Read about some of the projects we are accomplishing in Idaho.
The Sage Grouse Initiative:
Removing Junipers Benefits Wildlife and Range in Owyhee County
When Owyhee County rancher Chris Black walked into the Mountain Home Service Center last November, he seemed to have read my mind. He’d been high on my list to contact about planning a habitat project with the Sage Grouse Initiative (SGI), a highly targeted and science-based landscape approach to enhance and conserve rangelands for sage grouse. It works by helping ranchers improve and conserve their lands for wildlife and for livestock across 11 western states. Since the Natural Resources Conservation Service (NRCS) launched the Initiative in 2010, more than 700 ranchers have enrolled and hundreds of partners have participated.
In 1999, the Idaho Department of Environmental Quality found high nitrate concentrations in Ashton's drinking water. Since then, numerous groups have worked together to find solutions to reduce nitrogen leaching from agricultural land to address the water quality problem. One very successful project was put together by the Yellowstone Soil Conservation District.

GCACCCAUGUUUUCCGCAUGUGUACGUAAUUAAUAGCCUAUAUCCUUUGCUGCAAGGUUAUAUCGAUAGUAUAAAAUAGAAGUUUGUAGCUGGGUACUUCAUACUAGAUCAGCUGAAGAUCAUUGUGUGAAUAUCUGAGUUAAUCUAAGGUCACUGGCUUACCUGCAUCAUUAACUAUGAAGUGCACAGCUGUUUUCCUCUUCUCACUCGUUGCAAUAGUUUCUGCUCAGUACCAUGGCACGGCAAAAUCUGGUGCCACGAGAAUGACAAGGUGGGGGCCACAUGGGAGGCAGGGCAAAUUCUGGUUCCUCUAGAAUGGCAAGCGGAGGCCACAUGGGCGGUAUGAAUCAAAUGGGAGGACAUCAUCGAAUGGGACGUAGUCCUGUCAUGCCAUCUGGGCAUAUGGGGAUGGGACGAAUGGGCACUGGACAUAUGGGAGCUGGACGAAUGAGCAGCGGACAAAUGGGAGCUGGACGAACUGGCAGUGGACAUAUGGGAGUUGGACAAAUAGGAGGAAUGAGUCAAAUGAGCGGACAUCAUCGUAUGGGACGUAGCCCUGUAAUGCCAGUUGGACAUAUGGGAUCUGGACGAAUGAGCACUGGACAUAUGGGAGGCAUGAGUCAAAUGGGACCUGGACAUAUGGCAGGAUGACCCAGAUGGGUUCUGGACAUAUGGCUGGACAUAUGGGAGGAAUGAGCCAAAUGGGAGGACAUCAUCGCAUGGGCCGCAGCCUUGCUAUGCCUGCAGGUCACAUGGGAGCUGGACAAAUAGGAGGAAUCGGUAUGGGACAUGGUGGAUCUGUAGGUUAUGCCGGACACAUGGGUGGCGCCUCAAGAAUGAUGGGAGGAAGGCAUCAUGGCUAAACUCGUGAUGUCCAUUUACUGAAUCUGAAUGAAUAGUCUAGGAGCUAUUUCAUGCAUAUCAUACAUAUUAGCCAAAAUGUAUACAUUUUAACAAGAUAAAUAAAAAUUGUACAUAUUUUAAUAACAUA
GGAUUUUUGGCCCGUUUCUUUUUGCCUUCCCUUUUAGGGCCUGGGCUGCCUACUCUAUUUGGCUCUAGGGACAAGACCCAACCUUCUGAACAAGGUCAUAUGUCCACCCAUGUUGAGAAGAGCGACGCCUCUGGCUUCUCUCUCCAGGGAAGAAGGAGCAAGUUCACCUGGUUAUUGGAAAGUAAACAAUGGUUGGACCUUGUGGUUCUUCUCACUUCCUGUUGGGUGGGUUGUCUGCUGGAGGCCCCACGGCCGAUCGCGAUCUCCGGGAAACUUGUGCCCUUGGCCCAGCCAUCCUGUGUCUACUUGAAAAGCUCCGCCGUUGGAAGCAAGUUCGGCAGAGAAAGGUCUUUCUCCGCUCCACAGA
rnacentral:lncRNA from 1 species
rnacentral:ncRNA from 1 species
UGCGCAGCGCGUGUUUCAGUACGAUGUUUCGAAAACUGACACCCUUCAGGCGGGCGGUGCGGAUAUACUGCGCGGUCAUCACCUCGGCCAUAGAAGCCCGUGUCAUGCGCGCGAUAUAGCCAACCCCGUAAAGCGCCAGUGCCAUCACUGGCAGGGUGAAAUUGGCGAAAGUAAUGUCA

Lava Lake Land and Livestock is the type of privately-owned ranch that plays a crucial role in providing wildlife habitat. Set in the Pioneer Mountains of central Idaho, the mixture of lava flows, foothills and high mountains offers abundant wildlife habitat to sage-grouse as well as pronghorn, elk, wolves, mountain lion, mountain goats, and more.
The Rexburg Bench Energy Project is helping Madison County producers save power and ground water using technology to deliver irrigation that more accurately matches crop needs. Twelve local producers cut their energy use by installing variable frequency drives on irrigation pumps in 2011, the first year of the three year project.
The Madison Soil and Water Conservation District partnered with Rocky Mountain Power and the Natural Resources Conservation Service to offer this project that helps farmers purchase these drives. Most of the funding comes through the NRCS Cooperative Conservation Partnership Initiative (CCPI). Rocky Mountain Power contributes in-kind services and funding for incentives.
When the Nez Perce Tribal foresters wanted to restore a portion of the forest near Sweetwater Creek, they got help from the Environmental Quality Incentives Program to help fund the project. Their aim was to increase the vigor of trees growing in the forest and create a forest that would not be devastated by diseases or wildfire. To do this they replaced the grand fir trees with a species mix that was prevalent 100 years ago - species that are less susceptible to disease and insect infestations.